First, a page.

Voicing the Unvoiceable: Tracing Rage in Margaret Mitchell’s Gone with the Wind

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English (M.A.)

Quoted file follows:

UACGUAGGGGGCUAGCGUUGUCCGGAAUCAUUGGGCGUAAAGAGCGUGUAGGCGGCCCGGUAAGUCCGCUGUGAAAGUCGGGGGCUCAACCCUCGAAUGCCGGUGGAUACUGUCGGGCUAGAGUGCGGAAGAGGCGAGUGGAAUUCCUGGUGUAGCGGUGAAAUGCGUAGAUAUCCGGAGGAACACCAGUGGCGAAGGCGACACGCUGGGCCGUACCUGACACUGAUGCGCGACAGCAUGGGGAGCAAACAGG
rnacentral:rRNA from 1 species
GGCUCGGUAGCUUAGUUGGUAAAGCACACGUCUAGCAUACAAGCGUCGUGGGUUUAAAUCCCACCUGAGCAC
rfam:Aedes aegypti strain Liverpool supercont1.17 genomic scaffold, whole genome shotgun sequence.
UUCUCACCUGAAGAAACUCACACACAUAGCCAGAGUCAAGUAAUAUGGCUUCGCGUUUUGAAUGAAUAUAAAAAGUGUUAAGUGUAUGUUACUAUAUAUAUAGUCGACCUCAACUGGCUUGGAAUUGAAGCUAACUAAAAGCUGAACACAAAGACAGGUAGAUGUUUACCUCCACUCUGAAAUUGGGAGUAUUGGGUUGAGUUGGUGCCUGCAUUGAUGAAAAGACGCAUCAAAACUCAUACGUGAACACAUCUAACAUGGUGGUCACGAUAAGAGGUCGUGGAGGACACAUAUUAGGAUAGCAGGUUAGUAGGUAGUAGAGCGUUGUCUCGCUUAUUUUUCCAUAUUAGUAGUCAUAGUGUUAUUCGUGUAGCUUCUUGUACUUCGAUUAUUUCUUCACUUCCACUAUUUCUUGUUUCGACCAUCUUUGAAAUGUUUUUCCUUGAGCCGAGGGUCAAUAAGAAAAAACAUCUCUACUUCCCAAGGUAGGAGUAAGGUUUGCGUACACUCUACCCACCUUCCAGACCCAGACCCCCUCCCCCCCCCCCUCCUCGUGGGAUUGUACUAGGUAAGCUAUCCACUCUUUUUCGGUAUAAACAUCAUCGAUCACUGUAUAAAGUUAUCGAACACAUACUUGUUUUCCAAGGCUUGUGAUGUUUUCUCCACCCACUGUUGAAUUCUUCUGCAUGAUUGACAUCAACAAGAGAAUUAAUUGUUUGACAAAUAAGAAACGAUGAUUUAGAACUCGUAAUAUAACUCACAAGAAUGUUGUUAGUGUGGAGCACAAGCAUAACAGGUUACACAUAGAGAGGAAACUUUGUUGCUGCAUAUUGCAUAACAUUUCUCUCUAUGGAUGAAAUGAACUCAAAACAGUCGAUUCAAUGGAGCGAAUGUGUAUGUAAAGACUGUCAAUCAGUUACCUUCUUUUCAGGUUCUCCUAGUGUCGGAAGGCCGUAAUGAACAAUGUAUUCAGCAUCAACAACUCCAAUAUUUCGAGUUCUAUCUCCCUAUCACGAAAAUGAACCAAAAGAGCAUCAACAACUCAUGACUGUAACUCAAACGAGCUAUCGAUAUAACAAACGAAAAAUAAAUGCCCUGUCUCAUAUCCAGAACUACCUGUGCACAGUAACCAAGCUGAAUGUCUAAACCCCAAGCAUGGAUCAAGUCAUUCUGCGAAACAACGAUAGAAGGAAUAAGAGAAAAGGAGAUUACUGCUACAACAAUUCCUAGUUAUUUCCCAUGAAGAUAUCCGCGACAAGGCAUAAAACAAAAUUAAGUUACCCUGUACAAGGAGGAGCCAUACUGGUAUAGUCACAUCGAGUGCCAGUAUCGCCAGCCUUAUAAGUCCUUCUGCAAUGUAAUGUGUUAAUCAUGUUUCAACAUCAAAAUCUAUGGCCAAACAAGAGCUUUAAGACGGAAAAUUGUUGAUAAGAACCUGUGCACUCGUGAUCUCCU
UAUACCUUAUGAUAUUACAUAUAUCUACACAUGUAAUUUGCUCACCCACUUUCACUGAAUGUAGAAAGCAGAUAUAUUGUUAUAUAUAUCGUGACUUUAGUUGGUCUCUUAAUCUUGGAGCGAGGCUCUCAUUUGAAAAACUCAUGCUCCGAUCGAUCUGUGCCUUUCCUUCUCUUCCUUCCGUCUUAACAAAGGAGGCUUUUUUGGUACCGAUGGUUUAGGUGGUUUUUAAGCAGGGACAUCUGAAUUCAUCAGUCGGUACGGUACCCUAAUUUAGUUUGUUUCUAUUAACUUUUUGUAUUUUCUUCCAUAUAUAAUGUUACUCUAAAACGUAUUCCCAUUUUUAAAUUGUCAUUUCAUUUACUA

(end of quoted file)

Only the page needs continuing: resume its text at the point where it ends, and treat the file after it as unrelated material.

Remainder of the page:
Despite its enduring popularity throughout the world, Margaret Mitchell's Gone with the Wind continues to be a text that is largely dismissed by academics. Recent analyses of the attitudes and experiences of elite Confederate women during the Civil War and Reconstruction, however, reveal a startling level of verisimilitude in Mitchell’s portrait of her iconic heroine Scarlett O’Hara. Using many of these historical analyses and Linda Grasse’s recent study of the “artistry of anger” in antebellum texts written by women writers as a framework for my analysis, my thesis attempts to identify and explain the evidence of anger that abounds in Mitchell’s text, building on Grasse's contention that twentieth-century women writers have been forced to voice their anger—an emotion that has historically been forbidden to women— in the same manner as their nineteenthcentury literary foremothers, through “an artistry of angry expression...that [enabled] them to express what their culture [forbade]” (Grasso 16).


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